Daily Express

Perfect picture of royalty

- Mike Ward previews tonight’s TV

WHEN Panini started publishing their enticingly collectibl­e stickers back in the 1960s, they decided they should focus on football. It was a sound choice. Kids, they rightly figured, would have no qualms about standing in the playground bartering with one another over images of their football heroes. I’ll swap you my Geoff Hurst for your Jimmy Greaves, that kind of thing.

But what if the company had focused on another theme altogether? Specifical­ly, what if they’d published collectibl­e photos of royalty? I’ll swap you my

Princess Margaret for your Duke of Gloucester, for example. Businesswi­se, would that have been such a canny move? Probably not.

And yet once upon a time it would have been considered inspired.As we discover tonight in LUCYWORSLE­Y’S ROYAL PHOTO ALBUM (BBC4, 9pm), collectibl­e images of the Royal

Family used to be a genuinely big thing, albeit a bit further back in time.

As Lucy explains, Queen Victoria and Prince Albert were the first royal couple to grasp the potential of this new-fangled thing called photograph­y, to appreciate its power to portray them as they wished. So much so, indeed, that the famously forward-thinking Albert decided to have a whole set of pictures taken of them and their children – informal, off-duty images that would make them seem relatable to their subjects.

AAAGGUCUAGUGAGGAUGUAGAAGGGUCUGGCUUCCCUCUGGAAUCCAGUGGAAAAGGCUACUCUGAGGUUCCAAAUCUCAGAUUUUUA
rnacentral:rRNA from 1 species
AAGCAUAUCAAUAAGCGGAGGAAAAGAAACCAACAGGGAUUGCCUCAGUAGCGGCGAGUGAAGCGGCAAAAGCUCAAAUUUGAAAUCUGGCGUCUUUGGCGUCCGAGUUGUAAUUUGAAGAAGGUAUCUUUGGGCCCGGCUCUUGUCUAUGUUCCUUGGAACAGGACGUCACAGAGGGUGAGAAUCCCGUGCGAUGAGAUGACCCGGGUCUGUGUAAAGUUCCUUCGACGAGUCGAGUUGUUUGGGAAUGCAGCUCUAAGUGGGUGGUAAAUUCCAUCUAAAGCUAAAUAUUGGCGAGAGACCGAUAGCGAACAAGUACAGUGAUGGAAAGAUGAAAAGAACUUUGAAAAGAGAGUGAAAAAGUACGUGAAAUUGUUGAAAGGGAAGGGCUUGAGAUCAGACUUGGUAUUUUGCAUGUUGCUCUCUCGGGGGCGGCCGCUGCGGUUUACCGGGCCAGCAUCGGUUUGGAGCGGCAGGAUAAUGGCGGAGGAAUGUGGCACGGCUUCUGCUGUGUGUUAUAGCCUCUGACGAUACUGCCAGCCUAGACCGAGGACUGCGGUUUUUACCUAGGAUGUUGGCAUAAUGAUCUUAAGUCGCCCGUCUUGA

“Make us seem what?”Victoria would have replied. “Relatable,” Albert would have repeated. “It’s a word, my darling, which will become super-popular many years from now with hugely annoying people.”

“Oh, what, you mean the same sort of people who’ll insist on saying ‘super’ when they mean ‘very’.That’ll really get on one’s wick.”

“Ja, precisely.”

These pictures Albert commission­ed, we learn, were published as collectibl­e cards and apparently became a big hit.You could also purchase similar cards of other prominent figures of the time. I’ll swap you my Disraeli for your Alfred, Lord Tennyson. This latest documentar­y of Lucy’s is probably her best in a long while. There’s less of that faffing around in fancy dress that she’s a wee bit obsessed with and more intriguing detail and analysis.

It covers everything from the earliest royal images to the Princess Diana era to the challenges faced today by Di’s sons. It really is well worth a watch.


9pm), our contenders must each make a rugby shirt, a tennis outfit and a toddler’s waterproof onesie.

But not before THE REPAIR SHOP (BBC1, 8pm) has fixed a rhinoceros. It’s a long story.

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